This morning we had an eventful ride up the mountain, we were stuck behind a horsebox on its way up to the peak to ferry down the tourists.  Jacob, our driver, did his very best to stay calm traveling at 5 mph for almost 20 minutes but we got here eventually. Don't these tourists know there are people working up here! Sheesh!  We finished yesterday a little behind schedule since there appeared to be a problem with the telescope drivers (the hand paddles) talking to the computer and some circuit issues with driving certain parts of the 0.4m .  Jacob and Wayne worked really hard on this yesterday and are hoping to solve all these problems this morning so we can get onto testing the focus and alignment of the little guys.  At the moment, Edward and I are on standby as Mark (who kept us busy yesterday) is doing some really complicated software updates.  The consequence of this is that he has to do every little step to keep track of all the tests he needs to do, oh and every now and then, a very loud alarm goes off. To while away the time, Edward is doing some website development, including linking up the webcam we installed yesterday to a public website so you guys can check out what the site is doing (and so the astronomers can check the weather conditions up here when they robotically control the telescope from the comfort of their office or home).  I've been finalizing some proposal templates for astronomers to request use of the LCO facilities in the near future and now will do a bit of data analysis until Wayne and Jacob are ready to make use of us.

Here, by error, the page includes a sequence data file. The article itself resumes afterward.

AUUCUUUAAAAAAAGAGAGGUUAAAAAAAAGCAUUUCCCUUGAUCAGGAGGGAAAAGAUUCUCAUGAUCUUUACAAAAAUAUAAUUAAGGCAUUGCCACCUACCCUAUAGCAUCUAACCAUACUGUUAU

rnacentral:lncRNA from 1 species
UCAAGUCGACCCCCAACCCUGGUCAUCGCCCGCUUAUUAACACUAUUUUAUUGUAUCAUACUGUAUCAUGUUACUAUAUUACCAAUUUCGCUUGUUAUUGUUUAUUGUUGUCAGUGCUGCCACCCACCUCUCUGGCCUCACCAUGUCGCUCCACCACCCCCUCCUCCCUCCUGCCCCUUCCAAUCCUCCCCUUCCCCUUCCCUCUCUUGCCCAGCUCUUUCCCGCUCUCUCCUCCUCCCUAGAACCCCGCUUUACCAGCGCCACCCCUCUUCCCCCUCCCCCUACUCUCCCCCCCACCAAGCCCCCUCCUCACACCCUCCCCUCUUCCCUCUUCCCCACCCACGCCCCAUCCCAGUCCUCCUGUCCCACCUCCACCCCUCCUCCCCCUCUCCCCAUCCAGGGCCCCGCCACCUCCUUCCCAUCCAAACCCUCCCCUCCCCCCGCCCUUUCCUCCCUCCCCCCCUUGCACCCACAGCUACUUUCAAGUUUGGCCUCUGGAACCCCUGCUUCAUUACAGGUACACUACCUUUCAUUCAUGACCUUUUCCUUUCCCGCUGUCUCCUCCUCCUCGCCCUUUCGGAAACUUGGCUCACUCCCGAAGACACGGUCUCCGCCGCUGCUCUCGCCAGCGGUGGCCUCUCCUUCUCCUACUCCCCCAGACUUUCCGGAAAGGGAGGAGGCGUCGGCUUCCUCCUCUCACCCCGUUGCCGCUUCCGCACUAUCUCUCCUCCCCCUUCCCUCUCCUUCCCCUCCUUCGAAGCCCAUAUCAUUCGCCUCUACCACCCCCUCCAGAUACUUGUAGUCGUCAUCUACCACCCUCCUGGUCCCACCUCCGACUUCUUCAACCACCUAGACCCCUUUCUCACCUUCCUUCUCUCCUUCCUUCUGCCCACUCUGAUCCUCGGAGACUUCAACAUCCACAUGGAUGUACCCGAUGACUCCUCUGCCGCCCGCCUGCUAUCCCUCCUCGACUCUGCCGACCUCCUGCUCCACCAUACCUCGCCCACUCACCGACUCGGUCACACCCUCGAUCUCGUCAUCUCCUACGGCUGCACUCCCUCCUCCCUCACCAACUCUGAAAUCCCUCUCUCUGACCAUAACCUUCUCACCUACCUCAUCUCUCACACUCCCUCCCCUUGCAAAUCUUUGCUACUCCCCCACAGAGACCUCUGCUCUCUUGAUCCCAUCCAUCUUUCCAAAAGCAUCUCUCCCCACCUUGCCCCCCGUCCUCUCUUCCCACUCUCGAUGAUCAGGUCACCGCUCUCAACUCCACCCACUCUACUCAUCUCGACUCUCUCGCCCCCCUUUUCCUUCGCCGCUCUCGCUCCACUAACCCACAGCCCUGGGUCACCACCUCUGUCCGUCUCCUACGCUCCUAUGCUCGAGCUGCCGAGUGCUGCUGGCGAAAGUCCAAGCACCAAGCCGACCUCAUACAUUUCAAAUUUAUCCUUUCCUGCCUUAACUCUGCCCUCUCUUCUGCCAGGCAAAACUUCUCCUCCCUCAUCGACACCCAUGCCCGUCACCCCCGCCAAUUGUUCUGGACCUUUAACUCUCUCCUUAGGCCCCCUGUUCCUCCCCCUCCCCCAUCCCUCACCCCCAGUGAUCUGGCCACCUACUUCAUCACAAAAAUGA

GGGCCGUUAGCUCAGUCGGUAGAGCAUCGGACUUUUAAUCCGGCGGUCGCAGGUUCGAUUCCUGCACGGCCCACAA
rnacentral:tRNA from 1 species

9 hours later

Well, we've been at the summit for almost 10 hours and it's been great so far.  Mark was installing a webcam on the outside of a building and we helped him out whilst the electrics and links with the 0.4m and the control software are being tested by Wayne and Jacob.  The enclosure just opened (wow, what a noise it made!) and it was truly awe-inspiring.  We got to take some pretty nice pictures too.  Now we're off and we'll be back early tomorrow.